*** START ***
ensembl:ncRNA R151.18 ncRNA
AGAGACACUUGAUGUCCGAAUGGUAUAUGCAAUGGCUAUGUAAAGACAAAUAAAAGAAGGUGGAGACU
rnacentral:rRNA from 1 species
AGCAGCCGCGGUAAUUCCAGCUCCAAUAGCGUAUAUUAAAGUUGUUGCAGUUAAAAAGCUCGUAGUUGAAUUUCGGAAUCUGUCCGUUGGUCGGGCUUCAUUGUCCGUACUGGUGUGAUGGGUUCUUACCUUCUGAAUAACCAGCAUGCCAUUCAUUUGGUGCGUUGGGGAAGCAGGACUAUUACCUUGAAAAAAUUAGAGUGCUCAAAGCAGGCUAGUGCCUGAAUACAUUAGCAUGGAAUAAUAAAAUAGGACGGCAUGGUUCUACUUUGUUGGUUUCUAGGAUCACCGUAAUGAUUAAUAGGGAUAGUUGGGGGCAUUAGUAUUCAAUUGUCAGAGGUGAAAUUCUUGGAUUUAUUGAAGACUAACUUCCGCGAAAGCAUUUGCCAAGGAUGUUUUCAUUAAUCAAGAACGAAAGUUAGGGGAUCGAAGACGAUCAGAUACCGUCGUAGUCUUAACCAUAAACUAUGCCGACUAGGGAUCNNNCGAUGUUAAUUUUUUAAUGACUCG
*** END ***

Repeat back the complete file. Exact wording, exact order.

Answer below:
ensembl:ncRNA R151.18 ncRNA
AGAGACACUUGAUGUCCGAAUGGUAUAUGCAAUGGCUAUGUAAAGACAAAUAAAAGAAGGUGGAGACU
rnacentral:rRNA from 1 species
AGCAGCCGCGGUAAUUCCAGCUCCAAUAGCGUAUAUUAAAGUUGUUGCAGUUAAAAAGCUCGUAGUUGAAUUUCGGAAUCUGUCCGUUGGUCGGGCUUCAUUGUCCGUACUGGUGUGAUGGGUUCUUACCUUCUGAAUAACCAGCAUGCCAUUCAUUUGGUGCGUUGGGGAAGCAGGACUAUUACCUUGAAAAAAUUAGAGUGCUCAAAGCAGGCUAGUGCCUGAAUACAUUAGCAUGGAAUAAUAAAAUAGGACGGCAUGGUUCUACUUUGUUGGUUUCUAGGAUCACCGUAAUGAUUAAUAGGGAUAGUUGGGGGCAUUAGUAUUCAAUUGUCAGAGGUGAAAUUCUUGGAUUUAUUGAAGACUAACUUCCGCGAAAGCAUUUGCCAAGGAUGUUUUCAUUAAUCAAGAACGAAAGUUAGGGGAUCGAAGACGAUCAGAUACCGUCGUAGUCUUAACCAUAAACUAUGCCGACUAGGGAUCNNNCGAUGUUAAUUUUUUAAUGACUCG